August 9, 2012
LONDON CALLING (DAY 16)
The internet is down, but yours truly is not out
By Michael Lewis
LONDON -- I don't think you're ever going to see me do any commercials for the Premier Inn.
Needless to say, they are not necessarily my favorite hotel chain -- and for a good reason.
After returning from the Main Press Center at the main Olympic ground, I had promised my wife Joy that I would Skype her back at the hotel. After running for a quick bite in an actual restaurant, I managed to return to the Premier Inn/Kings Cross at 11:30 p.m., which IS an early night at the Olympics
There was one slight problem -- the internet would not work.
I called down to the front desk to complain and they said the servers were down, from the company that runs the internet, across the nation. They did not know when service would be re-established.
Despite trying about a dozen times, the internet did not work. I gave up and went to bed, figuring it would return by the morning.
The front desk personnel still did not know when it would return. So, I ventured out to the nearest Starbucks, bought an iced latte and found a corner to post my stories for this website, tweet and do other online stuff.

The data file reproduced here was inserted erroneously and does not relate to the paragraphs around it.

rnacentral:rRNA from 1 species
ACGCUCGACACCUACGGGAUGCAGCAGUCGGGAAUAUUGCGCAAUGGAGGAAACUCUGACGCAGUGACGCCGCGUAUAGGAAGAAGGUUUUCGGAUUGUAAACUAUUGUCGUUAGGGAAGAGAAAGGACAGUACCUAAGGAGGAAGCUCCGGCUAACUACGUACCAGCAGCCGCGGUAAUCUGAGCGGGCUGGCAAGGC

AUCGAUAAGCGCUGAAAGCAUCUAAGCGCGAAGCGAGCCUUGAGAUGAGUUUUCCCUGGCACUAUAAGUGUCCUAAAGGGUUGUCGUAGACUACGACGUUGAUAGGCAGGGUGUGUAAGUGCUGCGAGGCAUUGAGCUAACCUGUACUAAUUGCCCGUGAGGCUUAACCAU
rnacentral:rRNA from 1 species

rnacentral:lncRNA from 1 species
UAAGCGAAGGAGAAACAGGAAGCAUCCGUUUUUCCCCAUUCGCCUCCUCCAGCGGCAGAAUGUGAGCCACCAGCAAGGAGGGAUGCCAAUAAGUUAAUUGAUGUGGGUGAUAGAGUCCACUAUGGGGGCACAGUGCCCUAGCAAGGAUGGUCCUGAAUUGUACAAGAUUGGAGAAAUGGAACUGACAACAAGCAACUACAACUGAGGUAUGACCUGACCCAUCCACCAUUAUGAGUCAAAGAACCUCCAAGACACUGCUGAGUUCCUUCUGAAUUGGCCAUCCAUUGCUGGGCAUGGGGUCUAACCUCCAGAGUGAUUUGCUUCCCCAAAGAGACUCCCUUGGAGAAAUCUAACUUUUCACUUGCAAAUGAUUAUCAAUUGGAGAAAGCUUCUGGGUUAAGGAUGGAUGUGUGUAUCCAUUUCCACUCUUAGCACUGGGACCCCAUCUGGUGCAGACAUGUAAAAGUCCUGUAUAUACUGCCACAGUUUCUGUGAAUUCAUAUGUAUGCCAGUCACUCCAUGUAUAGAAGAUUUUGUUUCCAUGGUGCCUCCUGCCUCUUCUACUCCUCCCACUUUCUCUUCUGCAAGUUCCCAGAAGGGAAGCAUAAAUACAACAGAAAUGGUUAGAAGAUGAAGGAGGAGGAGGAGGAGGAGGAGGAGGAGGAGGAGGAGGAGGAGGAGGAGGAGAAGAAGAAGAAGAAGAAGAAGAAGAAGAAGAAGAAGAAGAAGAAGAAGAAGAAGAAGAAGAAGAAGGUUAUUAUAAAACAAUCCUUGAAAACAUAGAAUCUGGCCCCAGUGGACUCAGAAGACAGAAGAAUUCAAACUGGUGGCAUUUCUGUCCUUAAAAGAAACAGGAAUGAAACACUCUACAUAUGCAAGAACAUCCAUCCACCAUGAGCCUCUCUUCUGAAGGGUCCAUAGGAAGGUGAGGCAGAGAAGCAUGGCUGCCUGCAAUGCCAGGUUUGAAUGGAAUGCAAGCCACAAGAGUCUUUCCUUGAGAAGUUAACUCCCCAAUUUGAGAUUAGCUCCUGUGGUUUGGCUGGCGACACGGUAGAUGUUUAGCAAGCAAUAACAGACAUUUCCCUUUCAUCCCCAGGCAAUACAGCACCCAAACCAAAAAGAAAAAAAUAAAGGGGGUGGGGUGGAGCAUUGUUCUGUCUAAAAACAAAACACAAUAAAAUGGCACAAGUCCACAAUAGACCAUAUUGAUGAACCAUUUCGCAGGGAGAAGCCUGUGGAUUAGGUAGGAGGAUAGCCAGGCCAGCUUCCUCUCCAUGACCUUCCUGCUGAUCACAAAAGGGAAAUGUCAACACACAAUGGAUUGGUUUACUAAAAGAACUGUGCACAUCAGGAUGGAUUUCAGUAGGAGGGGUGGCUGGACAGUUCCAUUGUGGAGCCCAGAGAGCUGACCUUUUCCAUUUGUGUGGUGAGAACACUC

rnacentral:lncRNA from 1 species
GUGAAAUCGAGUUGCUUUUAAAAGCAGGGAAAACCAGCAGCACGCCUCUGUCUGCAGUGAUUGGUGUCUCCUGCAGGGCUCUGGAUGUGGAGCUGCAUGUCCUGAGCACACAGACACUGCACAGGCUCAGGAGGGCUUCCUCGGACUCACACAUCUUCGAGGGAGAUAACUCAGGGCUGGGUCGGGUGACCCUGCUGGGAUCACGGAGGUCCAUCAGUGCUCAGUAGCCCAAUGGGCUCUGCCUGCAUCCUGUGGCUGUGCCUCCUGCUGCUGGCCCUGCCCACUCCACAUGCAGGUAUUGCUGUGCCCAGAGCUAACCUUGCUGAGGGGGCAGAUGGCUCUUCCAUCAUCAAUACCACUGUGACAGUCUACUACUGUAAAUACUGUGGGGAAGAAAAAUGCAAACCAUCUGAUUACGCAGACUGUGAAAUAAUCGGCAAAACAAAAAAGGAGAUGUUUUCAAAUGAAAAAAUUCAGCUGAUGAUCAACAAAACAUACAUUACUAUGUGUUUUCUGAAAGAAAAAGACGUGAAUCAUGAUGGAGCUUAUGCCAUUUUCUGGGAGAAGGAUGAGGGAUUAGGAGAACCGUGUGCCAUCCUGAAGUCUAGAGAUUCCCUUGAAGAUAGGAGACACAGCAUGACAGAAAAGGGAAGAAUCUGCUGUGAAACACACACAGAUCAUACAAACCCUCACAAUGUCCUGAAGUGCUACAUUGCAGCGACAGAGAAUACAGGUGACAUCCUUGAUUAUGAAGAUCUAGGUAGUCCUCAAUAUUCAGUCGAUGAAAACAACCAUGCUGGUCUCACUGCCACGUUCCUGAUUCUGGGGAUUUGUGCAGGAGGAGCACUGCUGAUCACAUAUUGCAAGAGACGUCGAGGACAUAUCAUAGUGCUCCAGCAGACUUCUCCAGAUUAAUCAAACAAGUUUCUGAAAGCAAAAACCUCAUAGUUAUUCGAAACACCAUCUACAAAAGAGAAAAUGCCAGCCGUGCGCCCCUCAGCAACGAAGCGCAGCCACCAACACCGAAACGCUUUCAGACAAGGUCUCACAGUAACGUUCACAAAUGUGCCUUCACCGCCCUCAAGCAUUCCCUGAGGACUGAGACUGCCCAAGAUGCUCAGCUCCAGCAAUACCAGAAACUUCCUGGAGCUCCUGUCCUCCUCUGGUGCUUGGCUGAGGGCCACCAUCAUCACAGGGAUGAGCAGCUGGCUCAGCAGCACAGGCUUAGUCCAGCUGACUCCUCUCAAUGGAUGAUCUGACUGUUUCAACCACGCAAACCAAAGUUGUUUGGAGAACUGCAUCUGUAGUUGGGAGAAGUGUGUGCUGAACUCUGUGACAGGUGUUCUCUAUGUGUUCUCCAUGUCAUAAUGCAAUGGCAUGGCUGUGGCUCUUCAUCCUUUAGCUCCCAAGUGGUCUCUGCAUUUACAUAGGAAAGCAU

What doubly stings about this is the Premier Inn is an official Olympic media hotel and from what I gathered other journalists were affected by this unfortunate turn of events.
Finished with my work, I ventured down to the Leicester Square area and Charing Cross, where I browsed some used bookstores,
I went to the site of Sportspages, a wonderful bookstore that seemingly had every sports book published under the sun to pay my respects.
When I ventured to London years ago, I would make it a priority to visit the shop. I would bring my huge pile of books to the cashier and say, "I believe I will be paying your electric bill this month."
Alas, it went out of business a few years ago, which turned out to be a great loss for London sports fans.
A Spanish restaurant, Jamon, Jamon had taken its place. I checked out its menu if it was decent place [to eat] DELE, but there did not seem to be anything appetizing to eat, so I passed on it.
I visited Foyle's, a great bookstore down the street and bought a book about 1,001 bizarre facts and stories about football FOR MY AMUSEMENT.
I returned to the hotel, Skyped Joy (yes, the internet was working again, miracles of miracles) and ventured out to Russell Square. I met up with several other American journalists who wanted to get to Wembley as early as possible to secure a decent seat in the press box with a TV in front of our seat.
As it turned out, we got there 20 minutes too early and we were put in a media lounge. When the proper time to let us in came -- 4:45 p.m. -- we lined up as though it was the Oklahoma land rush.
It was worth it.
I've got a spot with a TV in front of me. What more do I want for the most important women's soccer game of the year?